Certain social events, parties, concerts, and gatherings have been postponed or cancelled. This is upsetting not because we needed an excuse to drink & be merry. Personally, I was angered by these cancellations because they are the initial signs of the downfall. These functions required time, money, and effort from various people – people who were trying to create something for Lebanon. It is entirely understandable and cancellation was the responsible decision to make given our current state of limbo. We are in the eye of the storm but it is upsetting that there are individuals trying to make Lebanon grow but are being defeated because of the “unstable wada3.” Again.
There seems to be two camps forming online when it comes to this whole wada3 debate. One feels that a big chunk of people, mostly the youth, have taken a passive route, eager to declare that they will be ditching this popsicle stand the first chance they get. They are indifferent to what is happening and what will happen in the near future, as long as they can go on with their daily lives until they manage to escape. The other chunk of people feel like they are shrieking in a soundproof glass box. They are frustrated that others go on with their day, hardly react to news of explosions, and they know that event cancellations are the least of our worries if you look at the big picture. Basically, one wants to ignore and the other wants to slap him a la Cher in Moonstruck.
I don’t think I fall into either of these camps. I’m somewhere in the middle and I don’t think I’m alone. I know the situation is dangerous but I am tired of reading articles, blogposts, and OpEds about what coulda/shoulda/woulda happened or what will happen. However, this does not mean I am going to stop reading, put on my headphones, and pretend life is fine and dandy. What it means is I am going to do my best to carry on with my life while external forces try to stop me from doing so. Yesterday, I attended TEDxLAU and Reine Azzi, the licensee and curator, said one simple line regarding one speaker’s cancellation: “the show will go on as an act of resistance.”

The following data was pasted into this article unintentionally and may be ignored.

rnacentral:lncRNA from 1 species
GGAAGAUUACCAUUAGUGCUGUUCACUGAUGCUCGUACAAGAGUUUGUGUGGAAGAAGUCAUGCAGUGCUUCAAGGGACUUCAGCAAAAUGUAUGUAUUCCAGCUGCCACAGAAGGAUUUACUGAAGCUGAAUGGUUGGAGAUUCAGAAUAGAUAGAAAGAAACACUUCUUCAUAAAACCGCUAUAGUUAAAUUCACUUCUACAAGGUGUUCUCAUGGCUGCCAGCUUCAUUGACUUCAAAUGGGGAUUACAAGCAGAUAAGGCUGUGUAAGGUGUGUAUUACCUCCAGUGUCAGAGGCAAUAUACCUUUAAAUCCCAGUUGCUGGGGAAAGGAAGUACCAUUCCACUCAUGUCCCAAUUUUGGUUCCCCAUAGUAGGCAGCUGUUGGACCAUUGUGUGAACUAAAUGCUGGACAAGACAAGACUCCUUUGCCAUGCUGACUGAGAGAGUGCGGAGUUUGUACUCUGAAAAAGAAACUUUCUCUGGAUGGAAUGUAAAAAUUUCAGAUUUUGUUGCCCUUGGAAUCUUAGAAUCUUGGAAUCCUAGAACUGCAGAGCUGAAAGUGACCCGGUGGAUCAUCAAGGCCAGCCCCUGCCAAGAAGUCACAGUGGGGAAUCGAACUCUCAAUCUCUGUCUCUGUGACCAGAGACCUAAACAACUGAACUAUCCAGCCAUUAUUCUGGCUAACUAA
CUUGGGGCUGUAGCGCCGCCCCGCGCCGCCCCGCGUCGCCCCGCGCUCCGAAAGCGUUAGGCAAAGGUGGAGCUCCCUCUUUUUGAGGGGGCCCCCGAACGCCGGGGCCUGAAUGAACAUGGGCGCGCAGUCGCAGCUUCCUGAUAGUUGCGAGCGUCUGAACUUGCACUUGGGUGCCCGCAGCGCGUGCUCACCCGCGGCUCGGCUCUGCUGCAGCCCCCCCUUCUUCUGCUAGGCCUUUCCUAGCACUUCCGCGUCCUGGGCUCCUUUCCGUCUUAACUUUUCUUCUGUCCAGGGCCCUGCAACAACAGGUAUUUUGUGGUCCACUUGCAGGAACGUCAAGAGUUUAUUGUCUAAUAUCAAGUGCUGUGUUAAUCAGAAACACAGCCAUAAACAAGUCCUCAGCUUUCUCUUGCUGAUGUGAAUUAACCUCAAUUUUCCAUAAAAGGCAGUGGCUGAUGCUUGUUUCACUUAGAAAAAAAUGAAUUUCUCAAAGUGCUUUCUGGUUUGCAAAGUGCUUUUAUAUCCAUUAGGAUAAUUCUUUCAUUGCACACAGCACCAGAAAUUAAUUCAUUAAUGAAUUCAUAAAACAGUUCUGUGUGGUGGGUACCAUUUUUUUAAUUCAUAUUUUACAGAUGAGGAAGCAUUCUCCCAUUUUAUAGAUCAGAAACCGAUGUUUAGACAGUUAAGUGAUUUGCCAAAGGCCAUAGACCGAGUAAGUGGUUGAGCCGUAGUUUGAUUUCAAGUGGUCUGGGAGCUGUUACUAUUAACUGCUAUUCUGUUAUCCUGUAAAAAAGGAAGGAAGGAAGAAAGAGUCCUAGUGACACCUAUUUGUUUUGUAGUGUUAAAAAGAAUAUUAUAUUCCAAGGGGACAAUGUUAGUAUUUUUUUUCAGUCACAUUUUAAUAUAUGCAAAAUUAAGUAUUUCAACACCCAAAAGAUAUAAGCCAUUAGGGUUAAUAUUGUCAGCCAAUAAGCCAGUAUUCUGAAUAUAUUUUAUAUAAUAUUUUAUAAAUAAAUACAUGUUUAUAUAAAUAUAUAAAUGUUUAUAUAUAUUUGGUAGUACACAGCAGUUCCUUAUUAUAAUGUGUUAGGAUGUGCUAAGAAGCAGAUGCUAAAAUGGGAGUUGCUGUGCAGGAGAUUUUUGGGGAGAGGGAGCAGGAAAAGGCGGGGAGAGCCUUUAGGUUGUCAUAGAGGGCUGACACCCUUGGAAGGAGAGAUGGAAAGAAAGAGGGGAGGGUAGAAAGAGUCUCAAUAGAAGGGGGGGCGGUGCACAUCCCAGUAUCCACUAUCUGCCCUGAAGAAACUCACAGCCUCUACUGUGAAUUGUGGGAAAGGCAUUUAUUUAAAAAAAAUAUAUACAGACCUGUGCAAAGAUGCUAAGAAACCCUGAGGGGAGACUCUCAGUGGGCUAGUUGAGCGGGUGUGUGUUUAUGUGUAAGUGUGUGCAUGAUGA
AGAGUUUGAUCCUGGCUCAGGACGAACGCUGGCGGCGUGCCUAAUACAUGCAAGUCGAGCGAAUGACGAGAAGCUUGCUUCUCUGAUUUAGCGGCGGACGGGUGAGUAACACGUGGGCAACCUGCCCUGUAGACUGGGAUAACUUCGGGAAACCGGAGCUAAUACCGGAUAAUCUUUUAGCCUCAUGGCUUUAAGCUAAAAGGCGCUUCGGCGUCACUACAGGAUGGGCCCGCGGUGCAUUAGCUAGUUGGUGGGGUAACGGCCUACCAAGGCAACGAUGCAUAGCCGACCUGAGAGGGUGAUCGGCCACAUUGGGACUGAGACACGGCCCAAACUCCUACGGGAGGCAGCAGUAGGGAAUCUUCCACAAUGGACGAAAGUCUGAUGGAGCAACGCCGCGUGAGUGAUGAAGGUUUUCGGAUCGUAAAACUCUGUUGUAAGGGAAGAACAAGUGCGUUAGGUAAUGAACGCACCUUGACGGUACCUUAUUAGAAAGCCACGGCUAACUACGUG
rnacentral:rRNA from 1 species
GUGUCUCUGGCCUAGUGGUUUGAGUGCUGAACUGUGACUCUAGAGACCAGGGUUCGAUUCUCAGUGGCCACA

Right now, we don’t know anything for sure but I will not feel guilty for continuing to try. It is not that I am numb or insensitive. I am aware of the gravity of the situation that our country is in at the moment. I believe, regardless of your interest or field of study or profession, you should try to stay informed with what goes on in the world, especially when events have a direct effect on the stability of your own region & your prospective plans for your future in it. With that said, I will not feel guilty for marking dates in my calendar, mapping out the next few months, or trying to create a path for myself in this world. It is not naiveté or ignorant optimism. There is a heavy cloud on the horizon that makes you wonder if your efforts are futile, that the eruption is seconds away, that you’re floating on a raft in the middle of the Atlantic and there is no rescue crew coming.
However, maybe, just maybe, if I get off the raft and keep swimming, I’ll survive. As long as I am here and as long as my safety is not at great risk, I refuse to feel guilty about living because I refuse to give up.